Video TapeWorm

New, encore and low-price releases on Tuesday, Aug. 20



1981; $14.98-$19.98; R

Action stalwarts Charles Bronson and Lee Marvin turned this run-of-the-mill actioner, based on a true story, into a perennial ’80s favorite. Bronson plays an anti-social trapper, forced to kill a man in self-defense at his isolated mountain cabin. Canadian Mounty Marvin arrives not long after, leading an armed posse, believing that Bronson is a bloodthirsty killer. They fire first, but Bronson kills several of the men before escaping into the frozen Yukon wilderness with the remainder, now whipped to a fever pitch, close behind. Great stuff, now on Blu-ray.


2013; $18.98-$26.98; R

Two of our favorite cheesecake films of the ’80s. “X-Ray” is better known as “Hospital Massacre,” a maniac-slasher romp set in a dark hospital starring arguably the most beautiful naked woman ever to grace both Playboy and “Hee-Haw,” the voluptuous Barbi Benton. She looks amazing in a backless hospital gown. Yow! The second finds Klaus Kinski (always a sign of insanity) and ravishing Marianna Hill — who adorned many a movie and TV show back in the ’60s and ’70s, including “Star Trek” — as an advice columnist who receives murderous letters and occasionally shows her remarkable boobs. Enjoy.



2012; $24.98; PG-13

This subtitled French drama is an emotional powerhouse, with Emmanuelle Riva and Jean-Louis Trintignant as an elderly married couple whose refined, dignified life is shattered when the wife suffers a stroke. And as her condition worsens, their relationship becomes impossible, and their head-strong daughter’s insistence on a caregiver only makes matters worse. Sounds like a light-hearted lark, huh? Imagine it as a vampire movie with the stroke standing in for Dracula, and you may come to see the world in a new light. A master’s class in writing, acting and directing.


2012; $11.98-$29.98; UR

A biodoc on Arnel Pineda and the legendary rock group Journey, retelling how his YouTube video landed the Filipino singer a gig as frontman on their world tour, replacing Steve Perry (via Steve Augeri, Jeff Scott Soto and Jeremey Hunsicker — the latter of which was also found on YouTube). Pineda’s vocals here are extraordinary, channeling Perry’s stratospheric tenor and, if anything, enriching it with a sneaky Latin sensitivity that guitarist Neal Schon seems to enjoy playing to. Yeah, we’re fans.


2013; $24.98; PG

One of the best of the recent crop of animated woodsy toons, with an original story, exceptional visuals and a wry, whimsical style that really sets it apart. With less emphasis on goofy humor, it behaves more like an action film for older kids, with M.K. (Amanda Seyfried) discovering a secret world of forest guardians when she goes to live with her rather cold dad, Jason Sudeikis. Their queen (Beyoncé) tasks her with saving their world — and ours — which leads to a colorful and exciting forest adventure where everyone learns a valuable lesson. What more could you want? From the folks behind “Ice Age.”


2012; $22.98-$29.98; UR

An engaging tale that parallels the history of Hong Kong and its acquisition by China from Britain, with the mysterious origins of an Anglo-faced child (Aaron Kwok), one of seven siblings from a poor fishing community. His life is a humiliating trek to find a place in the world, starting with an entry-level job at the Imperial East India Company, then attending night school, making friends in ever-higher social strata, and finally educating his mother (Josie Ho/Nina Paw) so that she, too, can have a better life. We liked it.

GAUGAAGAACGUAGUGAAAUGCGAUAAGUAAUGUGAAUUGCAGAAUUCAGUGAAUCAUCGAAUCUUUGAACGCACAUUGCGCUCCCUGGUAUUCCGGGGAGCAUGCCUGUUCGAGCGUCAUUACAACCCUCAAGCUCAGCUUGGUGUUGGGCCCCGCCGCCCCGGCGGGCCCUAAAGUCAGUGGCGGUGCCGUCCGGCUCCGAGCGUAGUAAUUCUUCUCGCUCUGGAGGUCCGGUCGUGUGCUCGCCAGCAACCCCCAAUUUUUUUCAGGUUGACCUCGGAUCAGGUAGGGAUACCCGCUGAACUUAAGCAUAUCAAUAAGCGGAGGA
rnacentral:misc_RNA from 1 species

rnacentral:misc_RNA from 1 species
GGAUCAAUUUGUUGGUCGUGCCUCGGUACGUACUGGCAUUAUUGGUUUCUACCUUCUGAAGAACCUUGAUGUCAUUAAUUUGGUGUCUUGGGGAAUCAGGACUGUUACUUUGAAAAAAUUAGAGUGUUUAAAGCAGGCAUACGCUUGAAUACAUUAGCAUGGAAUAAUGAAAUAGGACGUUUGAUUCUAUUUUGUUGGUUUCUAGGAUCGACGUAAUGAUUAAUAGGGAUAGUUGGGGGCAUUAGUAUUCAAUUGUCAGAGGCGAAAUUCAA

2012; $22.98-$24.98; UR

This starring vehicle for longtime B-actor J. Richey Nash is a solid, entertaining little drama about a pro-baseballer, his career abruptly over due to a painful injury, coming home to heal the emotional wounds of his past. But the best thing about it is co-star Courtney Henggeler, better known as Missy Cooper, Sheldon’s stacked and statuesque sister from “The Big Bang Theory.” She really shines; worth your time.


2012; $17.98; R

Adelaide Clemens from “The Great Gatsby” and Luke Evans from “Immortals” lead an exceptionally good-looking cast in this unexpected, exciting, funny gang-and-hostage outing from the director of “Versus.” A rich couple is kidnapped on the highway by a gang of brutes and held in a lonely, abandoned house. Seen it? Not like this, you ain’t! We wouldn’t dream of spoiling what happens next. Highly recommended, especially for terror fans who don’t mind a little blood.


2012; $24.98-$29.98; PG-13

If there are two things we love, it’s documentaries and caves, so this surprising entry about the Ukraine’s largest cave system really piqued our interest. Now the kicker: The cave was used by desperate Jews hiding from the Nazis, spending almost a year and half in complete darkness, making it the longest uninterrupted underground human survival in recorded history. A good tale, nicely told.


2013; $16.98; R

This wacky tale of post-apocalyptic life in the ’burbs is too much fun! Sexy Anna Kendrick (“Twilight”) is one of those left behind after the Rapture, living the good life with boyfriend John Francis Daley (“Bones”) amid showers of blood, lawn-mowing zombies, stoned ghosts and talking bugs. Then a horny Anti-Christ, Craig Robinson (“The Office”), puts the moves on her. Nicely dry, sarcastic and politically incorrect at every turn. We loved it.


2012; $26.98; PG-13/UR

The latest low-rent star-studded hodgepodge of instant movie-jokes, pratfalls and other assorted nonsense, this one starring Ashley Tisdale and Simon Rex as new parents bringing their baby home for the first time. But “something” seems to have arrived along with their little bundle of poop, so they set up cameras and bring in “experts” to help them out. You know this isn’t going to end well, don’t you?

A more complete listing and free vids at